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Are insurer dividends sustainable? Add to ...

Along with fretting about credit and stock markets exposure, shareholders in Canada's life insurers need to be wary of dividend cuts.

The performance of the big four insurers is being undermined by losses on holdings, and these blue chip companies aren't the profit machines that they were for most of the last decade.

In a preview of what's coming in first quarter financial results, BMO Nesbitt Burns analyst John Reucassel said: "The prospect of losses in the first quarter of 2009 (after losses in late 2008) may raise concerns about dividends. We believe that the chances of a dividend reduction in 2009 are 50/50."

"Sustainable dividends are strictly correlated to sustainable earnings, but the events over the last 12-18 months have led to some murkiness of sustainable earnings - a situation that should become clearer over the next few quarters," said Mr. Reucassel.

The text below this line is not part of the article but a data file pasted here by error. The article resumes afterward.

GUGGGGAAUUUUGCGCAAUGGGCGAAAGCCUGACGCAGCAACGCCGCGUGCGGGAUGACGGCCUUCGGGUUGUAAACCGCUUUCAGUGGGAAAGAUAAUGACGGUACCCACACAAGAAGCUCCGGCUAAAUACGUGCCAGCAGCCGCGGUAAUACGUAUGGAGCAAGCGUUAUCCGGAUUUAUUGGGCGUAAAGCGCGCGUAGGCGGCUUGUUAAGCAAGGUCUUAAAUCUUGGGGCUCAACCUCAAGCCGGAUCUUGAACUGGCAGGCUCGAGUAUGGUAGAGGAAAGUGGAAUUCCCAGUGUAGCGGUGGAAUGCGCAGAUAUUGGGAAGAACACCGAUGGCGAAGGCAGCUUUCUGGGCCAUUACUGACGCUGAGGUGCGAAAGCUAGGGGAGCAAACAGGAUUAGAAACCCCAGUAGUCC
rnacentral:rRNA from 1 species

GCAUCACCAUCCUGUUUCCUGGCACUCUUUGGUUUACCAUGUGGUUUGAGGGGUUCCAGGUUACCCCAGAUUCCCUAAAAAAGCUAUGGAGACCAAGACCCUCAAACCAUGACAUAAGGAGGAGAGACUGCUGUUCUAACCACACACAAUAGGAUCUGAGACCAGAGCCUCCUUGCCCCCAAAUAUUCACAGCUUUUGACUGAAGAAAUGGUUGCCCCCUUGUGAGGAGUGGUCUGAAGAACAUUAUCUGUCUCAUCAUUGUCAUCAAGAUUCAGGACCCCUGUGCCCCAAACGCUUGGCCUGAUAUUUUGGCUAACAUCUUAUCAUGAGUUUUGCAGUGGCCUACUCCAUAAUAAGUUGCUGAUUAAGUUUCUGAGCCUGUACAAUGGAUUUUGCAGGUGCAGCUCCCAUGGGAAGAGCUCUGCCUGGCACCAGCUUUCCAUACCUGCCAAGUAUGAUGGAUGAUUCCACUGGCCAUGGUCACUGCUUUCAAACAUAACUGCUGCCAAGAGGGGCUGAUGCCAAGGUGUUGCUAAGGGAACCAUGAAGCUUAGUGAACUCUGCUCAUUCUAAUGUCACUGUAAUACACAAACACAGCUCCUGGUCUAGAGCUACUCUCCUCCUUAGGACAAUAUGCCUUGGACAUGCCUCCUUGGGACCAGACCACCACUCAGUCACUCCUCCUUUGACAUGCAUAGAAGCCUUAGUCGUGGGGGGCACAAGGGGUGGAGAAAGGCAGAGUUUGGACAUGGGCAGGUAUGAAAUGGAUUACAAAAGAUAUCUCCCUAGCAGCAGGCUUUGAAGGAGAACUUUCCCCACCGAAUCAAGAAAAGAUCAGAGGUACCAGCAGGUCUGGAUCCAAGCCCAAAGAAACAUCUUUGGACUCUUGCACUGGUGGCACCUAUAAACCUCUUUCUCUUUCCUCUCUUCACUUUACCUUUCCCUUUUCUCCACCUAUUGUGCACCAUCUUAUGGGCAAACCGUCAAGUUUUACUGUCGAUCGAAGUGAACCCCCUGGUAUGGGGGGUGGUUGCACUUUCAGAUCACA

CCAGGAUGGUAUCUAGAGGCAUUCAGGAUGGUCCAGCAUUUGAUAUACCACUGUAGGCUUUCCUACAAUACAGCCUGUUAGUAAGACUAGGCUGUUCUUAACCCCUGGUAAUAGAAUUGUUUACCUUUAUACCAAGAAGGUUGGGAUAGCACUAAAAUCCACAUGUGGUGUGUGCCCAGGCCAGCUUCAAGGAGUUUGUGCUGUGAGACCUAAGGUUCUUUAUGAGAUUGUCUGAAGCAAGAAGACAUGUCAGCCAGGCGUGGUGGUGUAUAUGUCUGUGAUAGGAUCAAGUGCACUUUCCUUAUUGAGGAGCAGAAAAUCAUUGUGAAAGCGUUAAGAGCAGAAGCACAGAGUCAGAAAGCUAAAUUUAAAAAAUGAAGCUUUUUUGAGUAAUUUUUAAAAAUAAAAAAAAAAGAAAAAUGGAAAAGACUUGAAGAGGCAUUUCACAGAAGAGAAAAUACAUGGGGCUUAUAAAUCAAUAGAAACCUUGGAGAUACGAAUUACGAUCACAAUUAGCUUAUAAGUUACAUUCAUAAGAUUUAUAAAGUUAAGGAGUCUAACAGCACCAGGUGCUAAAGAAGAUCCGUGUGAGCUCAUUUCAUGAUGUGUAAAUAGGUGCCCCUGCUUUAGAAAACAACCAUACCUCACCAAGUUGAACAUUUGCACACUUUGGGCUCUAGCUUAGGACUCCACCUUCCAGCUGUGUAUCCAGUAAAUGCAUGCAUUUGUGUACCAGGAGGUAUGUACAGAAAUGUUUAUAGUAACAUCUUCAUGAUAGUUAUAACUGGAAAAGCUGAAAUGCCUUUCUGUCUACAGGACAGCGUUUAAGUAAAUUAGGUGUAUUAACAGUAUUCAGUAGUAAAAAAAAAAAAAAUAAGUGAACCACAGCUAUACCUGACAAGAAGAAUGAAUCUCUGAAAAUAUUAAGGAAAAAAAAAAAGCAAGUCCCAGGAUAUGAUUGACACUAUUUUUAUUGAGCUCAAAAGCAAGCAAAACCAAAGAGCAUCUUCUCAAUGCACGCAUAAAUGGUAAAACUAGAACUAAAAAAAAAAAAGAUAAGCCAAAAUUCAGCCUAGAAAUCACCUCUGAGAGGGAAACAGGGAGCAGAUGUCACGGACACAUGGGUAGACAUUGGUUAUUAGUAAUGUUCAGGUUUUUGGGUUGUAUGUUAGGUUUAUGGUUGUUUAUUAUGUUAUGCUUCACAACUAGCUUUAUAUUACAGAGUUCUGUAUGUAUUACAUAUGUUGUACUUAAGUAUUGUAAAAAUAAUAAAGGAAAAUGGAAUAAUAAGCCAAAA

Dividend yields at the four major domestic life insurers range from a high of 6.3 per cent at Great-West Lifeco to a low of 4.1 per cent at Industrial Alliance.

Volatile markets make trying to predict insurance company earnings on a quarter-to-quarter basis a bit of a mug's game, and Mr. Reucassel said that for the industry, results for the first three months of the year will be "messy."

His take on the companies is that Great-West will face credit concerns, in part due to holdings in U.K. banks.

Sun Life Financial is expected to lose 15 cents a share, "significantly less than the loss reported last quarter; driven by continued credit impairment, equity markets and spread widening," predicted Mr. Reucassel. Stock market volatility will translate into a 35 cent a share loss at Manulife Financial. Industrial Alliance is expected to post "the cleanest quarter in the group."

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